You’ve heard this one, right? “Can God create a rock He cannot lift?” It’s meant to disprove the concept of an omnipotent God.
The reasoning goes like this: “If God is all-powerful, then He ought to be able to create a rock He can’t lift. If He cannot create a rock He can’t lift, then He’s not all-powerful. Likewise, if He can’t lift the rock, He’s not all-powerful. Therefore, an omnipotent God cannot exist.”
This rationale rests on assumptions about both God and human beings. The assumption about God is that God is a creature like us, to whom the physical activity of lifting is applicable and meaningful. The assumption about human beings is that we understand the concept of omnipotence as it applies to God.
I was raised with a distinctly Christian idea of what or who God was, tempered by my parents’ insistence that I look to the life and words of Christ to understand this Big Idea. Hence, I came to the conclusion that Christ was a reflection of the glory of God as seen in a mirror, to use the Apostle Paul’s metaphor. Yet I was aware that some Christian doctrine conceptualized God as a sort of super human—a being who could be material or spirit at will.
At a recent presentation I gave on the progressive nature of revelation, a friend from China expressed his difficulties with the question ”Who is God?” Coming from a completely secular society where the idea of a supreme being that could be spoken of as a ”who” was alien, his question was “What is God?”
His question made me wonder: what do the scriptures actually tell us about the nature of God?
One of the oldest extant scriptures we have so far discovered is commonly known as the Egyptian Book of the Dead (more literally translated from the Egyptian as Book of Emerging Forth into the Light). The texts that make up the collection of tablets included in the book go back to the third century before Christ. The following is from around 1250 BCE:
God is one and alone, and none other existeth with Him—God is the One, the One who hath made all things—God is a spirit, a hidden spirit, the spirit of spirits, the great spirit of the Egyptians, the divine spirit. God is from the beginning … He hath existed from old and was when nothing else had being. … He is the Father of beginnings—God is the eternal One, He is eternal and infinite and endureth for ever and aye—God is hidden and no man knoweth His form. … His name is a mystery unto His children. His names are innumerable, they are manifold and none knoweth their number. – Papyrus of Ani.
Beyond the idea that human beings cannot ”see” or perceive God directly, the Papyrus of Ani poses a seeming paradox: God’s “name” is unknown, but manifold. According to scriptures both ancient and modern, the names of God are His qualities, attributes and virtues. Those names include the Merciful, the Kind, the Omnipotent, the Omniscient, etc.
An essential teaching of Baha’u’llah—and other divine messengers—is that God (or whatever you choose to call the Creator) is unknowable in its essence. God is unknowable for the simple reason that it is a different kind of being than we are. Our intellect is a reflection of the Creator’s intellect, but only a reflection. God is absolute and independent; we are dependent:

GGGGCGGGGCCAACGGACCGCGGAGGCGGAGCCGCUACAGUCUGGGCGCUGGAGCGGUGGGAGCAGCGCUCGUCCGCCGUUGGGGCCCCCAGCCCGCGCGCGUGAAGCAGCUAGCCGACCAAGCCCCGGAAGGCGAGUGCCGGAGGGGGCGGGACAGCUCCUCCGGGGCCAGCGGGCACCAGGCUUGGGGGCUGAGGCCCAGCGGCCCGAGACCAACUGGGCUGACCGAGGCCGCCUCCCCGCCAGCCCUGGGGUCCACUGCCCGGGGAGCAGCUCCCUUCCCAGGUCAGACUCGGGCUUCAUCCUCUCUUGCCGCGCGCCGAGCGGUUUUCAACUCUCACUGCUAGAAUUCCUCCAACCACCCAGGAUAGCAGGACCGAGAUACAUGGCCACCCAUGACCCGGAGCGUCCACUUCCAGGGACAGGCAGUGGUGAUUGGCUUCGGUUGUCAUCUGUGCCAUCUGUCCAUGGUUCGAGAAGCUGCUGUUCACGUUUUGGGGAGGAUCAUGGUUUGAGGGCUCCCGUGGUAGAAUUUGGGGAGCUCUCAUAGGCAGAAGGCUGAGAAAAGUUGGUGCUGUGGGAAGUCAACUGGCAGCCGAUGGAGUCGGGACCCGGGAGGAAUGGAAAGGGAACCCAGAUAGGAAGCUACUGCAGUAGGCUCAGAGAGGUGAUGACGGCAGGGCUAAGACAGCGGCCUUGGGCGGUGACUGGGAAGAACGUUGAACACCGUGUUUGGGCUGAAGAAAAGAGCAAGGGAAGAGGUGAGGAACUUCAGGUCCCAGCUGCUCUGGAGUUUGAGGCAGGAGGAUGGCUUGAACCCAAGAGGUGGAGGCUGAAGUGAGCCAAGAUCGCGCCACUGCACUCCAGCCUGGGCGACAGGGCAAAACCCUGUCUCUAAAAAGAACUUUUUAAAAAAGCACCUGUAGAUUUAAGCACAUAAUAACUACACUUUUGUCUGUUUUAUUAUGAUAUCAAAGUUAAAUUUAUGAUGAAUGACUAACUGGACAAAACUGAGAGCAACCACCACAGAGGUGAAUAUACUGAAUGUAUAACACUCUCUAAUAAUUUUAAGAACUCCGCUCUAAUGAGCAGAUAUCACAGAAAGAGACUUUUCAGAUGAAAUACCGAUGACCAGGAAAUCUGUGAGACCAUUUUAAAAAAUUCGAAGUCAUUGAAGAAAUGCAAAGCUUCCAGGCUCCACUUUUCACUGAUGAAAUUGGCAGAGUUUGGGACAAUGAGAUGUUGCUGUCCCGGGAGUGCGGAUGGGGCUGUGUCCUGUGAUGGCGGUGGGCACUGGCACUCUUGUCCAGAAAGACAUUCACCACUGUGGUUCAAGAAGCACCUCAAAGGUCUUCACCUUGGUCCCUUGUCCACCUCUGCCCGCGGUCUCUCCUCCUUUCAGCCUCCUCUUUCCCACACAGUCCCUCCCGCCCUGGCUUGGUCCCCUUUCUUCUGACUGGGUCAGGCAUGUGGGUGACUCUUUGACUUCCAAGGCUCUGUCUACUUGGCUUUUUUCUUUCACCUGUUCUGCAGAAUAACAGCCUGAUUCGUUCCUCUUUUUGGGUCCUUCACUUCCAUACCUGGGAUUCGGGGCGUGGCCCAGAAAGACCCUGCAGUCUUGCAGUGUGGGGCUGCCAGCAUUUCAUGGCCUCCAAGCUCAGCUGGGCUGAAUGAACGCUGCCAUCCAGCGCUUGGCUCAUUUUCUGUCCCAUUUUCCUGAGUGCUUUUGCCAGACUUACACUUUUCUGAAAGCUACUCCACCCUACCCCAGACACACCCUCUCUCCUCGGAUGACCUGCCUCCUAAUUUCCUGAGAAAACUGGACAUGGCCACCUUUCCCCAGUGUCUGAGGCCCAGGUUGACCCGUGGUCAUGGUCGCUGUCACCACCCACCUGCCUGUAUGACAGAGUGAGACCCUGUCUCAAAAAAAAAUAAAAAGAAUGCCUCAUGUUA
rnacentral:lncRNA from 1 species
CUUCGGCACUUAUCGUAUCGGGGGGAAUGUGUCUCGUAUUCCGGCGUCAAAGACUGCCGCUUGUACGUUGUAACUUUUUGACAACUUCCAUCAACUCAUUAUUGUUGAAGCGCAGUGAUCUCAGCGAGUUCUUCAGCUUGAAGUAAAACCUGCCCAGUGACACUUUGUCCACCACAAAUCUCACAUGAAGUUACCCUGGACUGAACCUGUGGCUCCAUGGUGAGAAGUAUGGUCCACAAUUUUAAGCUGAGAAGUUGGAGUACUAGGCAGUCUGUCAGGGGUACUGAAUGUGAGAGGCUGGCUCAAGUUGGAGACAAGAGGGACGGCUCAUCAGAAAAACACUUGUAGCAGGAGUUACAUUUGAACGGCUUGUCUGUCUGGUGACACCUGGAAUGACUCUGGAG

But beyond My visible nature is My invisible Spirit. This is the fountain of life whereby this universe has its being. All things have their life in this Life, and I am their beginning and end. In this whole vast universe there is nothing higher than I. – Krishna, Bhagavad Gita 7:5-7.
Gautama Buddha referred to this Spirit as the Absolute and the Lovely and addresses its nature thusly:
There is, O monks, an Unborn, Unoriginated, Uncreated, Unformed. Were there not, O monks, this Unborn, Unoriginated, Uncreated, Unformed, there would be no escape from the world of the born, originated, formed. – Udana 80-81.
Christ affirmed: “God is spirit, and his worshipers must worship in spirit and in truth.” – John 4: 24.
This raises the question: How can we know God? The answer is given through example in the passages cited above, but Baha’u’llah made direct reference to it throughout his writings:
… since there can be no tie of direct intercourse to bind the one true God with His creation, and no resemblance whatever can exist between the transient and the Eternal, the contingent and the Absolute, He hath ordained that in every age and dispensation a pure and stainless Soul be made manifest in the kingdoms of earth and heaven. Unto this subtle, this mysterious and ethereal Being He hath assigned a twofold nature; the physical, pertaining to the world of matter, and the spiritual, which is born of the substance of God Himself. … These Essences of Detachment, these resplendent Realities are the channels of God’s all-pervasive grace. … They are commissioned to use the inspiration of Their words, the effusions of Their infallible grace and the sanctifying breeze of Their Revelation for the cleansing of every longing heart and receptive spirit from the dross and dust of earthly cares and limitations. Then, and only then, will the Trust of God, latent in the reality of man, emerge … – Gleanings from the Writings of Baha’u’llah, pp. 65-67.